Travel Action Matilda Country Magazine: A guide for travelling throughout Outback Queensland along the Matilda Highway from Cunnamulla to the Gulf of Carpentaria.

User Visit : 20176

Travel Action Matilda Country Magazine

jundah-header.jpg

Freshwater fishing in the outback can be a soul regenerating experience - and you might catch your dinner - so cast a line into the Thomson River and see if you can reel in a fish or two at Jundah. Depending on your luck, you might catch a yellowbelly, jew or bream.

Feeling more energetic? A nine-hole golf course and clubhouse is located near the hospital. or you can ask at the Jundah Information Centre to acquire equipment for a game of tennis and basketball. While you’re there, pick up local information and see an exhibition of local photography. The centre is also the place to stock up on souvenirs and keep in touch with family and friends via the public internet service.

If you’re caravanning, the Jundah Caravan Park has recently been relocated next to the Jundah Hotel. It’s so convenient for meals and to get to know the locals over a drink. And if a coldie isn’t your thing, they make great coffee too. Air-conditioned hotel rooms are available.

Visit the memorial park and pool for a barbecue and a swim in the 25m pool. Pause at the memorial cenotaph which bears the names of soldiers from the shire who volunteered their services and fought in the two World Wars and the Boer War. Under shelter on one side of the park are two wagons used for general freight and wool carting during the pioneer days.

A mural of the outback, painted by the school principal and children in November 1997, adorns the front of a building that was once a general store dating back to the late 1880s. These days the former store is used as a meeting place for locals to have a cuppa and do a little craftwork.

The town has a general store, which is owned by the council. It’s a small shop but it’s packed. You can buy hot drinks, meals, fruit and vegetables, meat, jewellery and souvenirs.

The Barcoo Shire Museum on the corner of Macrossan and Miles Streets, is open from Monday to Friday all year round from 8.30am to 5.00pm. You’ll find it a fascinating spot to browse around, with everything from antique mortuary tools to an old RFDS medicine kit. Entry is by donation. The communication display is of particular interest, as it chronicles a history from the party line era and the old telephone exchanges to different uses of VHP radios.

Jundah itself is at the centre of sheep and cattle grazing land and is the administrative centre for the shire.
The sheep industry has been the inspiration for a popular day on the Jundah calendar, the Sheep Shenanigans and Woolly Cup in June. The event features sheep races, the Rousie’s Roundup, art competition, billy cart races and entertainment. The locals reckon it’s ewe-nique!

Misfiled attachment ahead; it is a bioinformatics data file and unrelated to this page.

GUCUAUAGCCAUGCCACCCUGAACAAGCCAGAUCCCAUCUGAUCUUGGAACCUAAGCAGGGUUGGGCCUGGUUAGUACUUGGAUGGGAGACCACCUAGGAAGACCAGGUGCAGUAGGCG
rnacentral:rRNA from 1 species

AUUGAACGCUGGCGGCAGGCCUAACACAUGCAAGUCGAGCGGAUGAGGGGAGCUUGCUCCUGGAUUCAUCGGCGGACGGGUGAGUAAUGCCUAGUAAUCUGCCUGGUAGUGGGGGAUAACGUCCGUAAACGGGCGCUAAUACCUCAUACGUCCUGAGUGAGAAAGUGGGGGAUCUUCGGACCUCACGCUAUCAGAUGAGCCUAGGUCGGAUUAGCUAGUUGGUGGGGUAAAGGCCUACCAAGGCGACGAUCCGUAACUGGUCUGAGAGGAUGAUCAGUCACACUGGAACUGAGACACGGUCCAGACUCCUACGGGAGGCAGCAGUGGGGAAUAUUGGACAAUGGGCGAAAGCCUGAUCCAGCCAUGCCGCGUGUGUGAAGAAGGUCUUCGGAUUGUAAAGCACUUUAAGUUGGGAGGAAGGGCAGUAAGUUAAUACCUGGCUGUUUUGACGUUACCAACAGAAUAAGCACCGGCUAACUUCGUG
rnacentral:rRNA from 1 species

Travelling to Jundah is easy nowadays, as the road is sealed from Windorah as well as the entire distance to Longreach.

There are four entrances to Jundah, and each one is signposted. A pathway links the signs and you can walk a circuit around the entranceways and view the welcome signs and information about the area including town, river system, services and local government.

In fact, the whole shire has a diversity of scenery including red sandhills, mulga and red soil country, sheep and cattle grazing land, famous river systems and reminders of the pioneering past..

Welford National Park, 45km southeast of Jundah, fronts onto a stretch of the Barcoo River and is the perfect place to soak up natural history. Nature lovers can camp beside permanent waterholes along the river system. A Heritage-listed pise homestead is the private dwelling for the park ranger. The earthen homestead dates back to the 1900s and is one of only two pise constructions still occupied in Queensland. Check with the information centre at Jundah or Windorah for more information before heading out or ring the ranger on (07) 4658 5994.
About 90km to the east of Jundah is the site of Magee’s Shanty, put on the map in the heyday of ballad writing when A. B. ‘Banjo’ Paterson penned the well known poem, A Bush Christening.

Visit the site of the Native Well, about 32km north of Jundah and consisting of several native wells carved into the rock.

The Barcoo Shire is famed for being where two rivers meet to form a creek. The Thomson River runs close to both Stonehenge and Jundah. Where it meets the Barcoo River north of Windorah, it forms Cooper Creek.
See the variety of vegetation that can be found in certain areas of outback Queensland along the Jundah Settlers’ Nature Drive. The drive takes you along the Thomson River then extends behind the township and comes back in on the Quilpie Road. Amazingly, although the drive is only 6km long, you go through many different landscapes. You’ll see desert spinifex, swampland varieties, gidgee stands, mulga, leopardwood and bloodwood trees.

An information pamphlet is available from the information centre and lists 37 kinds of plants. Along the way, plaques have been placed to identify the plants with both their botanical and common names. The drive is roughly circular, ending back in town.

 

Visitor Information

Barcoo Shire Council


Phone (within Australia) 07 4658 6900